There’s a new visual search player in town: Etsy. For those unfamiliar, visual search is a flavor of AR that lets users point their phones at real-world items to identify them. It provides informational overlays that are meant to contextualize such items or make them shoppable.
The latter is Etsy’s endgame, as visual search aligns with its mission to help users discover shoppable crafts. Like Google Lens, Snap Scan, and Pinterest Lens, its new feature lets users discover items available on Etsy by pointing their phones at visually-similar items in the real world.
Etsy says that its motivations for the new feature include the nuances of its wide product catalog. Because we’re not talking about a standardized set of SKUs that you may see at a Walmart or Amazon, it makes searching for random crafts by keyword challenging for users.
“With more than 100 million items in our marketplace, odds are that if you can dream it — or snap a photo of it — you’ll find something you love on Etsy,” the company said in a blog post. “We’re always investing in our marketplace to make it easier for sellers to grow their businesses.”
In Living Color
So how does this look from a UX perspective? Available initially on iOS, users can tap a camera icon in the search bar to find things visually. After doing so, they can take a photo or choose one from their on-device photo library, which will then be used to surface visually-similar items.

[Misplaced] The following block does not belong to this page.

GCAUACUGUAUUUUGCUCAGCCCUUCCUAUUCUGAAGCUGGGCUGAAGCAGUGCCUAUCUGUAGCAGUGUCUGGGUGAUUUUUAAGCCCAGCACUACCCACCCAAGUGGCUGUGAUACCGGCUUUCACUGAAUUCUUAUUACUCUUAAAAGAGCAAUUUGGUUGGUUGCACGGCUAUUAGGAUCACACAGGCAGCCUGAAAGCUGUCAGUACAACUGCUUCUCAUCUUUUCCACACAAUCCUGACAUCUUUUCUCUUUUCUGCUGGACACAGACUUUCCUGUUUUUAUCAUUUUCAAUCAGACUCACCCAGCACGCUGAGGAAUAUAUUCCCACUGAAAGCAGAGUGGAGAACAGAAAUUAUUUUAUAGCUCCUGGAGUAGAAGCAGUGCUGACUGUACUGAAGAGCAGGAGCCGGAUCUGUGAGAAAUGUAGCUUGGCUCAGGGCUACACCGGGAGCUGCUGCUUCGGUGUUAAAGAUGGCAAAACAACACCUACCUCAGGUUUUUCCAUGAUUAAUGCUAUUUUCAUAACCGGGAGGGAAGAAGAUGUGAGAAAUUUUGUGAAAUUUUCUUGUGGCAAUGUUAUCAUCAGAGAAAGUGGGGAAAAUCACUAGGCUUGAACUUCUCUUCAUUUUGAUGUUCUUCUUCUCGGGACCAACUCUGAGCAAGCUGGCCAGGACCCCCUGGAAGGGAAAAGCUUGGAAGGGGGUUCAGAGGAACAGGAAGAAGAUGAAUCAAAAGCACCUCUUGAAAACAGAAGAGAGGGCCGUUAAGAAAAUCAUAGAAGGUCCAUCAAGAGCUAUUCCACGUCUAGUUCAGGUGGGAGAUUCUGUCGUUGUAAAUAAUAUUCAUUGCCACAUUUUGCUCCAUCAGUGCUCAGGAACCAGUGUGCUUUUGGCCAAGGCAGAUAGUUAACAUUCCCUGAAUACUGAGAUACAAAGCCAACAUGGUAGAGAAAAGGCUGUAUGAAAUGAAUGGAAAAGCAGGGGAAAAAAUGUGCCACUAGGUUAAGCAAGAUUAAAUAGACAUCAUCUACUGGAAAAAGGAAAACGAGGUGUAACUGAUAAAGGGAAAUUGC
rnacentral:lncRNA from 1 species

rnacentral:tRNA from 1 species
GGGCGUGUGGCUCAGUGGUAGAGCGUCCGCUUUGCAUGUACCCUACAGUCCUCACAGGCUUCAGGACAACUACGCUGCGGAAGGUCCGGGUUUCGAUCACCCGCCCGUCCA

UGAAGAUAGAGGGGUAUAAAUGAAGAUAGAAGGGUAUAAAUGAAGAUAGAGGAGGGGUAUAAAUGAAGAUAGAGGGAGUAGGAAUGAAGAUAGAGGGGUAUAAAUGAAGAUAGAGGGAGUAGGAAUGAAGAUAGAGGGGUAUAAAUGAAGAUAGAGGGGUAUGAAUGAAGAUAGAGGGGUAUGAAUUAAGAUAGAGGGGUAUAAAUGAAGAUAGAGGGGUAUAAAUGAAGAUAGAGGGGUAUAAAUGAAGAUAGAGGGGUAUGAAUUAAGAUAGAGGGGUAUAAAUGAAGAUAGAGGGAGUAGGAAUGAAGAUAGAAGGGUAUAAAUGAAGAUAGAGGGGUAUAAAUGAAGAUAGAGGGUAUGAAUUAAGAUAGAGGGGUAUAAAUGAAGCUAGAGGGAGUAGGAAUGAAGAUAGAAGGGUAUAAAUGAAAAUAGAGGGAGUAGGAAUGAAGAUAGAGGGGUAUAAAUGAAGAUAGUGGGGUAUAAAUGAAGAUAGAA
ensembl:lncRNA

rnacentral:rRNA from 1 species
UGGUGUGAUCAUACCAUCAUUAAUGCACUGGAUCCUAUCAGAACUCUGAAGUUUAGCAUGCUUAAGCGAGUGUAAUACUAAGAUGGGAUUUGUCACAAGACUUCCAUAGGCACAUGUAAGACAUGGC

“Similar” is the key term. In addition to finding specific items, Etsy could also find that there’s an unintended discovery use case. In other words, it can serve users visually-similar results that inspire new ideas or discoveries that deviate slightly from their original search intent.
Similarly, beyond the shapes and sizes of items, Etsy could help with another attribute that’s hard to capture in words: colors. Finding items that are a specific shade of green can be assisted through visual search. And color is a meaningful attribute of Etsy’s craft-oriented fare.
In a similar sense, the next visual search evolution for Etsy may be to follow Google’s lead towards “multisearch.” This lets users bounce back and forth between the advantages of text and visual search, and refine visual searches with text (e.g., “the same item in red”).
Speaking of evolutions and next steps, where could Etsy’s visuals search play improve? For one, there’s friction in the above process of uploading or taking a new photo. Google Lens and Snap Scan conversely let users dynamically identify items through the camera’s live viewfinder.
Backing up, this is a logical move for Etsy. Its products tend to be highly visual in nature. Sometimes they can be found through descriptive search terms (think: “embroidered whale pillow”). But sometimes the nuances of rare crafts are better surfaced through visuals.
When viewing this move in a strategic sense, this brings Etsy further in competition with the visual search players noted above. They each have different use cases, but are increasingly moving into shopping as a cornerstone – and revenue catalyst – for visual search.
For example, Google Lens is all about broad-based topics… as that’s aligned with its “all the world’s info” M.O.. Snap Scan is meanwhile aligned with Snapchat’s persona for fashion. And Pinterest Lens is all about food and home goods. But shopping is common to all of them.
Considering all these players, Etsy’s visual search play is probably most disruptive to Pinterest Lens. The product and audiences of these two players are most aligned in terms of product discovery and inspiration for arts and crafts. We’ll be watching to see if Etsy can make a dent.